Sunday, September 2, 2007

Belief and Disbelief

A new insight. Well, it’s new to me. Like all my “insights,” it has probably been perfectly obvious for years to many other people, but it came to me yesterday with a certain clarity as I was reading a translation of The Heart Sutra by Red Pine, replete with mind-benders like this:

"Form is emptiness, emptiness is form; emptiness is not separate from form, form is not separate from emptiness; whatever is form is emptiness, whatever is emptiness is form."

Lovely. But go figure. Anyway, here's my own insight:

Belief and disbelief are not mutually exclusive opposites, they are rather two sides of the same coin. As readers of The Buddha Diaries will likely be aware, I myself have been much attached to disbelief. And what came to me with that certain clarity yesterday was that to be attached to disbelief is really no different than being attached to belief. Disbelief is in itself a form of belief—a belief that the belief of others is somehow wrong-headed or ignorant. The two seem to me, on reflection, to be in balance with each other. The one who desires to follow the Middle Way would steer a path between belief and disbelief, without allowing himself to be attached to either one.

Skepticism is a little different from disbelief. I hold to my skepticism (am I “attached” to it?) because it comes down on neither the side of belief nor, properly, on the side of disbelief. The mind that opens itself to disbelief can surely remain open to belief. If it questions belief, by the same token, it will as honestly question disbelief.

Am I counting the angels as they dance, here, on the head of a pin? Perhaps. But this, it seems to me, is the sense of the Middle Path in the matter of belief and disbelief. And this is my mighty insight for the day. I trust that I will be able to learn from it.

Blessings!

11 comments:

Gregor said...

Good point. But, its a real razor's edge isn't it. . . we need to see the distinctions between reality and delusion, between skillfulness and unskillfulness. But, at the same time drop the attachments to them as well, good subject for some hard practice!

Anukriti said...

"Disbelief is in itself a form of belief—a belief that the belief of others is somehow wrong-headed or ignorant." It is so very true.

robin andrea said...

Imagine growing up without belief, as I did. These distinctions don't make as much sense, the duality of belief and disbelief, to me. I don't know if there is a word that describes a state that precedes this duality.

carly said...

Excellent P. Your insight is much better than the conundrum of emptiness. Equilibrium is the essence of reality, not emptiness. I must go find a definition of form from The Changes. Ah yes, there is one in Grace, 22, "By contemplating the existing forms we come to understand time and its changing demands. Through contemplation of the forms existing in human society it becomes possible to shape the world."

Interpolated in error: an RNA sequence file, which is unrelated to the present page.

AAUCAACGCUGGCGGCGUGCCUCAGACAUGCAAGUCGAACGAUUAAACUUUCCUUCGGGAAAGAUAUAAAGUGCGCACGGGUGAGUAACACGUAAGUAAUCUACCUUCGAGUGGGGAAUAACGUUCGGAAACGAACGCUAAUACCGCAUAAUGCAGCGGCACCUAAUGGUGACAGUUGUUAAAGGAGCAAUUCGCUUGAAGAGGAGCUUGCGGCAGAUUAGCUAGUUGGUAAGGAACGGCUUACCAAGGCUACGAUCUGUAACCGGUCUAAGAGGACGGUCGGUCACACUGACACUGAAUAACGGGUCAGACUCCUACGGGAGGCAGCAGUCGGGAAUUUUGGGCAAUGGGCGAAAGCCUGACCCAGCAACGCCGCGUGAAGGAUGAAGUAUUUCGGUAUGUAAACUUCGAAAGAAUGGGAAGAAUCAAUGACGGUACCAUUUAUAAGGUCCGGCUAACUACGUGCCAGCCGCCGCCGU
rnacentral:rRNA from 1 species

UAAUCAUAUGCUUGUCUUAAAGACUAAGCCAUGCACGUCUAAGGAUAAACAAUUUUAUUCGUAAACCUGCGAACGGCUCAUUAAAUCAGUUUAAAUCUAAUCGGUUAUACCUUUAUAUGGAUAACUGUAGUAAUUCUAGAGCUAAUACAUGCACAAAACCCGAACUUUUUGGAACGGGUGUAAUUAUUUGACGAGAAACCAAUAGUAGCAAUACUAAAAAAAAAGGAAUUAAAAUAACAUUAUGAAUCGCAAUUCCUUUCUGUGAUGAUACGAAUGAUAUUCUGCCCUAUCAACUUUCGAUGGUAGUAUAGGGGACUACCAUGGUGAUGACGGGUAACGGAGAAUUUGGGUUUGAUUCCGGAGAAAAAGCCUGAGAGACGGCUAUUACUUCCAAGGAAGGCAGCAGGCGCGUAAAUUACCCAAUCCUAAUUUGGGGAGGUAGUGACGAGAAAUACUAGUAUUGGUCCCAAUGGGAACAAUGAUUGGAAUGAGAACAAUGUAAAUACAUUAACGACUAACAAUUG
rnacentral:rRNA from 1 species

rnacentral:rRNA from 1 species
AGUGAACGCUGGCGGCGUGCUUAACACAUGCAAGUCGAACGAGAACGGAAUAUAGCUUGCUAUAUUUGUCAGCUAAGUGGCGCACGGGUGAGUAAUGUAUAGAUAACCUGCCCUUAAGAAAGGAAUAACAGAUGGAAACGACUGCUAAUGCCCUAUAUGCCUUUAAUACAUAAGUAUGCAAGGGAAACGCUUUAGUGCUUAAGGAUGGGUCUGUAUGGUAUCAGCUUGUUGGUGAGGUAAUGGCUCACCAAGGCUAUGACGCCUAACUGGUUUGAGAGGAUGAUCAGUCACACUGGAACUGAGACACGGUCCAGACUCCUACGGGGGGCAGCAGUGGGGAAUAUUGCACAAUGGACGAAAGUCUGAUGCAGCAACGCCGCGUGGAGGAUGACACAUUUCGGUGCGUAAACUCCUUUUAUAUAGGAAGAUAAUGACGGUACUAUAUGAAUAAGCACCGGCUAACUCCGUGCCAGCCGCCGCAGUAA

"Disbelief is in itself a form of belief."
Amen. each always threatening to become the other. This tendency accounts for the unreasonable holding to one or the other by millions of people who do not understand your insight.

"—a belief that the belief of others is somehow wrong-headed or ignorant."
When what actually is wrong, is their blind adherence to and unbalanced fervor for one or the other.

"I hold to my skepticism (am I “attached” to it?"
Hold to it P, for the sage makes discriminations, and thereby sets the world, and his world, in order. (and keeps one from being a "pie in the sky" dufus!). You must be allowed to act or not act on that acute sense of discrimination in combination with the wisdom gained in the other spheres.

carly said...

There is no duality in Peter's insight, as they are two parts of the same thing.

carly said...

"I don't know if there is a word that describes a state that precedes this duality."

The best term for it is The Unknowable (tao), only known as a hidden force behind opposiing tendencies, which gives birth to everything as part of one thing, our perceivable world.

To be in accord with it, is to ride with Peter's insight.

carly said...

I don't think it's a razor's edge at all. It's very easy to understand and do. Also, delusion is part of reality, not separate from it. Delusion is useful, something one should have much experience with, not be against. Using wisdom gained through the manipulations of all things is better than dropping anything.

Letting fall into place, is better than dropping.

The practice should be easy, not hard, finding what is lucid and being in accord with it is as natural as falling off a log.

PeterAtLarge said...

Thanks, all, for deepening my "insight"! See you next week. Blessings, Peter

carly said...

I've been investigating this razor's edge concept. This is the stuff of dramatic writing, Maugham's. and as a concept, seems to me to be on the extreme side of describing reality. Accepting the travels of Larry Darrell at face value, seems juvenile to me. Views based on pop novels?

One needs to find the root source of being in accord with opposites in reality, rather than adopting and parroting intellectualized fictions.
Extreme views are so in vogue. Forget about it. What's skillful or unskillful about having integrity?
As Camus said, "With integrity, there is no need for rules." All this stuff being parroted seems to stem from what T.S. Eliot said, "humankind cannot bear much reality."

They call him James Ure said...

I am reminded of the sometimes militant science/Atheist crowd. While I am very much a man of science and do agree with much that Atheists have to say, I would also say that they adhere to their ideas like a religion.

A belief in no beliefs is still a belief of sorts. :)

They call him James Ure said...

Sorry to repeat some of what was already said. I forgot to read the thread before commenting. D'oh!!